School board reflects on financial future

The Rainy River District School Board passed its 2002-03 budget at a special meeting here Wednesday night, but concerns surfaced over cuts it might be forced to make next year if the province doesn’t change its funding formula.
Salaries and transportation increased the board’s expenditures by $550,000 but the province only provided an additional $200,000 to meet those costs.
“As you can tell, there’s something a little wrong there,” trustee Judy Eluik told the board.
As first reported in Wednesday’s Times, the board will drain $200,000 from its reserves to cover these expenditures and continue current special education and transportation programs, which cost more than the province allocates.
This will avoid a deficit, but leave just under $74,000 in the working fund reserve.
“I’m not happy we had to use reserves to balance the budget but we don’t have a choice,” Eluik said.
Trustee Dan Belluz asked what would be done if there wasn’t more money from the province before next year’s budget.
“Next year we won’t have the opportunity to use the reserve. What plans are in place to address this before next year’s budget?” Belluz asked.
Education director Warren Hoshizaki said they are looking at a number of alternatives, including beginning the budget process before Christmas to ensure that if cuts have to be made, they will have time to make that decision.
He added the report from the Ministry of Education’s task force on the funding formula—which determines how much money school boards receive and is based on 1997 cost estimates—is to be completed by November.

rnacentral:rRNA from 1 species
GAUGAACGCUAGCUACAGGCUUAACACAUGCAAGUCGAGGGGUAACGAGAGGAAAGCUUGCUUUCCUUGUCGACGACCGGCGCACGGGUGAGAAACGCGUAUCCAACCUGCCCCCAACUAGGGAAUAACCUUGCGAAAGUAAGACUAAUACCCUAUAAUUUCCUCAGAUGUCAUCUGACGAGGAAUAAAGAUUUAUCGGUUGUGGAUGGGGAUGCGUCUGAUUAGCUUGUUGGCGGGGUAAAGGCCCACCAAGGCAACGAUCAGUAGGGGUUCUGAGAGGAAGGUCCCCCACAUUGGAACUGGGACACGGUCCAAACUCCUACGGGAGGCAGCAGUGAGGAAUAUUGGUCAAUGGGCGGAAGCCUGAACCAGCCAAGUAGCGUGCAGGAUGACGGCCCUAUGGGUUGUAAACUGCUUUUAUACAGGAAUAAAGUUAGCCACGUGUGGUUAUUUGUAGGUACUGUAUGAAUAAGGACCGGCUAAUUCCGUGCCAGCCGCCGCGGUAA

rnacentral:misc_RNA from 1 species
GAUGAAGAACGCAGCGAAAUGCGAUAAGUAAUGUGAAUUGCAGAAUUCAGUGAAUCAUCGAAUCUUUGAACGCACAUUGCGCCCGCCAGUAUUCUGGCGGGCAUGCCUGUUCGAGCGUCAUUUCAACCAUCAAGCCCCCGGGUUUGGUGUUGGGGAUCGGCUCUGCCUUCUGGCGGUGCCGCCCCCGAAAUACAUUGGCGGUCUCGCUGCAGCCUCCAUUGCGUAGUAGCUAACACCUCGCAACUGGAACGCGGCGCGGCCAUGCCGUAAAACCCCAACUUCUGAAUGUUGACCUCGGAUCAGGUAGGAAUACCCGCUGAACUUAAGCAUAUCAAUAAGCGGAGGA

As soon as the school board examines this report, it can begin making budget plans. And if program cuts have to be made next year, Hoshizaki said they wouldn’t be easy.
“This year, the trustees looked at the ‘Reading Recovery’ program which helps Grade 1 students learn to read,” he said after the meeting.
“It gives them a great grounding in reading but it is a very expensive program. It would be very difficult to make that decision,” he remarked.
The “Reading Recovery” program costs the board $315,000 annually.
“Our continuing goal is to provide our students with the best possible educational experience,” trustee Ron McAlister said.
“However, in order for every board in Ontario, including our own, to maintain an acceptable program level, it is essential that Education minister Elizabeth Witmer carry out an immediate realistic reassessment of the funding formula,” he added.
“She is on record as understanding our problems. We shall see if action speaks louder than words,” McAlister added.

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